The contribution of maize cropping in the Midwest USA to global warming: A regional estimate
Agricultural soils emit about 50% of the global flux of N2O attributable to human influence, mostly in response to nitrogen fertilizer use. Recent evidence that the relationship between N2O fluxes and N-fertilizer additions to cereal maize are non-linear provides an opportunity to estimate regional N2O fluxes based on estimates of N application rates rather than as a simple percentage of N inputs as used by the Intergovernmental Panel on Climate Change (IPCC). We combined a simple empirical model of N2O production with the SOCRATES soil carbon dynamics model to estimate N2O and other sources of Global Warming Potential (GWP) from cereal maize across 19,000 cropland polygons in the North Central Region (NCR) of the US over the period 1964-2005. Results indicate that the loading of greenhouse gases to the atmosphere from cereal maize production in the NCR was 1.7Â Gt CO2e, with an average 268Â t CO2e produced per tonne of grain. From 1970 until 2005, GHG emissions per unit product declined on average by 2.8Â t CO2eÂ ha-1Â annum-1, coinciding with a stabilisation in N application rate and consistent increases in grain yield from the mid-1970's. Nitrous oxide production from N fertilizer inputs represented 59% of these emissions, soil C decline (0-30Â cm) represented 11% of total emissions, with the remaining 30% (517Â Mt) from the combustion of fuel associated with farm operations. Of the 126Â Mt of N fertilizer applied to cereal maize from 1964 to 2005, we estimate that 2.2Â Mt N was emitted as N2O when using a non-linear response model, equivalent to 1.75% of the applied N.
If you experience problems downloading a file, check if you have the proper application to view it first. In case of further problems read the IDEAS help page. Note that these files are not on the IDEAS site. Please be patient as the files may be large.
As the access to this document is restricted, you may want to look for a different version under "Related research" (further below) or search for a different version of it.
References listed on IDEAS
Please report citation or reference errors to , or , if you are the registered author of the cited work, log in to your RePEc Author Service profile, click on "citations" and make appropriate adjustments.:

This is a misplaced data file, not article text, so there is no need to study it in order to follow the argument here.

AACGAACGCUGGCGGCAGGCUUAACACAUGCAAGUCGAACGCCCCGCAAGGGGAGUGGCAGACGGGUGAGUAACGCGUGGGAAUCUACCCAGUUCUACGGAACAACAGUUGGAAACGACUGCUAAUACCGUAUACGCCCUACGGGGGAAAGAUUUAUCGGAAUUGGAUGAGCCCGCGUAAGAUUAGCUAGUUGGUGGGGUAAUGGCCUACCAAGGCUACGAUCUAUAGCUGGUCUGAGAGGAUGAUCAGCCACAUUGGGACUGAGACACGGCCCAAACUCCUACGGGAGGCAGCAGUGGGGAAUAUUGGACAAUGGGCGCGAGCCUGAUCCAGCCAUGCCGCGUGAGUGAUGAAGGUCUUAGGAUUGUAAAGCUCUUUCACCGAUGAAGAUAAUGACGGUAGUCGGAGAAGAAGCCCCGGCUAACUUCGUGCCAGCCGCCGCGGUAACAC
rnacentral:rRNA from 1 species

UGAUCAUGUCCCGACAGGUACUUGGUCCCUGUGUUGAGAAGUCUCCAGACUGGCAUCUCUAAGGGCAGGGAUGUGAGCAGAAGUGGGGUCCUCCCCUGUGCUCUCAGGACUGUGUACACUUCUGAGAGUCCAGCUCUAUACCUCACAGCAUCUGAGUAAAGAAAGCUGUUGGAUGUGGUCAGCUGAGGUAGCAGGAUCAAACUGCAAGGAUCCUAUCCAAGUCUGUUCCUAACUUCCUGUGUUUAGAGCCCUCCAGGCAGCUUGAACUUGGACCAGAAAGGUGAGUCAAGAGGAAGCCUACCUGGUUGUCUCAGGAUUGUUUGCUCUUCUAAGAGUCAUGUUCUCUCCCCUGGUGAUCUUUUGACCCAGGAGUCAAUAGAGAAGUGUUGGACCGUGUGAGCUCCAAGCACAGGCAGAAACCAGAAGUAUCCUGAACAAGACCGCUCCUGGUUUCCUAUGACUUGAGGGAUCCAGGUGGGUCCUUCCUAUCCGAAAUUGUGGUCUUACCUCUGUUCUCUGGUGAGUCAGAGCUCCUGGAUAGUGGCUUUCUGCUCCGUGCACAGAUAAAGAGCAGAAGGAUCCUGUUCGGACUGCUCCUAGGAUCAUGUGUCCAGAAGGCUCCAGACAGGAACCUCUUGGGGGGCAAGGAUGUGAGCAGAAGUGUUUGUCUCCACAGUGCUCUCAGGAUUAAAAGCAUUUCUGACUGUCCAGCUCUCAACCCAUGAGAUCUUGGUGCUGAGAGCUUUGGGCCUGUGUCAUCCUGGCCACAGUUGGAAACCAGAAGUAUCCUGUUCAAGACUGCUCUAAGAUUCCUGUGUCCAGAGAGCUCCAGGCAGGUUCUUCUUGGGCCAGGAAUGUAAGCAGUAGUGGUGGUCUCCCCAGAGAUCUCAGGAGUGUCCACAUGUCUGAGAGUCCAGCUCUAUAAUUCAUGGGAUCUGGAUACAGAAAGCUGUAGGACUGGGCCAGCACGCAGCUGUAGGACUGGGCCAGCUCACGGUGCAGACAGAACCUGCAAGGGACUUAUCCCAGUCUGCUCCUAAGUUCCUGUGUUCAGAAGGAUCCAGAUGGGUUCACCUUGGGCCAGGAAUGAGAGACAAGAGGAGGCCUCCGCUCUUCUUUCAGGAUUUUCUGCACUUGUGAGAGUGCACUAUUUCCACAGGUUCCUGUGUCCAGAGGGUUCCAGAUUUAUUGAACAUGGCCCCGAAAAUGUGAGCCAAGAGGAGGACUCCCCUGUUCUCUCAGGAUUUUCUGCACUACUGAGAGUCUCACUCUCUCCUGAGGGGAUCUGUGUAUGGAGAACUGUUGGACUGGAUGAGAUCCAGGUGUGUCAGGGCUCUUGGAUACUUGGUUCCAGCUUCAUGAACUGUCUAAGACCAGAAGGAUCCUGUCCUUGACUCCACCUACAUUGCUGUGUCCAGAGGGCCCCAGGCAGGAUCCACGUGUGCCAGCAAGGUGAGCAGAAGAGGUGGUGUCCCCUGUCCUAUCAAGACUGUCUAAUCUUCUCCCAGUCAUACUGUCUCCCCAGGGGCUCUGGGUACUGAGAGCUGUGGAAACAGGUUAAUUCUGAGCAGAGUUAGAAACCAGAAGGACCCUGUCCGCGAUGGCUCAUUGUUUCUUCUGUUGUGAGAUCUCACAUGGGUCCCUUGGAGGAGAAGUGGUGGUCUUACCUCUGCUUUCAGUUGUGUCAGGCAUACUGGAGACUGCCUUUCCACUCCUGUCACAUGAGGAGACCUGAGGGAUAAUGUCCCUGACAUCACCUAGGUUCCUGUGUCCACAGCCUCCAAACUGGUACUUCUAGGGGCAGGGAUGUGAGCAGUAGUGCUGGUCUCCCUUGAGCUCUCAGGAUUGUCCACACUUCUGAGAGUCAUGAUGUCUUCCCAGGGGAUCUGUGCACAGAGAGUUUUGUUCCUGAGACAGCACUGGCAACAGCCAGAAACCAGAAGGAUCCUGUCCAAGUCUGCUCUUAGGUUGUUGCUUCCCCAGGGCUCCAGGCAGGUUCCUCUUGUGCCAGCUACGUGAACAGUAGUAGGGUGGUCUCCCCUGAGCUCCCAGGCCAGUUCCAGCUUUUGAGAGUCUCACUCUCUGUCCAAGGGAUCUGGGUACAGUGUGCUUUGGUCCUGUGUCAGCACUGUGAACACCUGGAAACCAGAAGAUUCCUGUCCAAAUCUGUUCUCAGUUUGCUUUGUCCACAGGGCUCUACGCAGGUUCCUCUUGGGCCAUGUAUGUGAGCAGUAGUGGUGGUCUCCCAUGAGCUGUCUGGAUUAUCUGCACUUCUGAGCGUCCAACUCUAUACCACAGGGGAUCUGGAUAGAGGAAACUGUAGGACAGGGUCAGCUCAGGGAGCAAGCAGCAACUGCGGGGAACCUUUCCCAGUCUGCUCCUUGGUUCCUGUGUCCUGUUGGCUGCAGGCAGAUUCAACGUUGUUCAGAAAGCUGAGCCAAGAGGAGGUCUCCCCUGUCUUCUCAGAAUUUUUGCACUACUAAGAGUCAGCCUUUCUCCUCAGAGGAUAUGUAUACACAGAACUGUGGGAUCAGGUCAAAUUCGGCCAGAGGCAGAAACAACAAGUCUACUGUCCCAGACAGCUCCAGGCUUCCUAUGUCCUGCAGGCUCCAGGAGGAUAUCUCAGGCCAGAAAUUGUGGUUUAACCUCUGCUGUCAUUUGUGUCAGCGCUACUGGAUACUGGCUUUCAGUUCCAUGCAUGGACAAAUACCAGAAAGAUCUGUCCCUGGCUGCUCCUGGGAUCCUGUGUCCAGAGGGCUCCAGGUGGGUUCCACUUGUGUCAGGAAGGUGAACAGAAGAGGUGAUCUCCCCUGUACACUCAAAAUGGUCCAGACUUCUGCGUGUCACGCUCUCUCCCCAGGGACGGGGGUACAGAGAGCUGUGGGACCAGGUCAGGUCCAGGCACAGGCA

- G. Robertson & Peter Grace, 2004. "Greenhouse Gas Fluxes in Tropical and Temperate Agriculture: The need for a Full-Cost accounting of Global Warming Potentials," Environment, Development and Sustainability: A Multidisciplinary Approach to the Theory and Practice of Sustainable Development, Springer, vol. 6(1), pages 51-63, March.
When requesting a correction, please mention this item's handle: RePEc:eee:agisys:v:104:y:2011:i:3:p:292-296. See general information about how to correct material in RePEc.
For technical questions regarding this item, or to correct its authors, title, abstract, bibliographic or download information, contact: (Shamier, Wendy)
If you have authored this item and are not yet registered with RePEc, we encourage you to do it here. This allows to link your profile to this item. It also allows you to accept potential citations to this item that we are uncertain about.
If references are entirely missing, you can add them using this form.
If the full references list an item that is present in RePEc, but the system did not link to it, you can help with this form.
If you know of missing items citing this one, you can help us creating those links by adding the relevant references in the same way as above, for each refering item. If you are a registered author of this item, you may also want to check the "citations" tab in your profile, as there may be some citations waiting for confirmation.
Please note that corrections may take a couple of weeks to filter through the various RePEc services.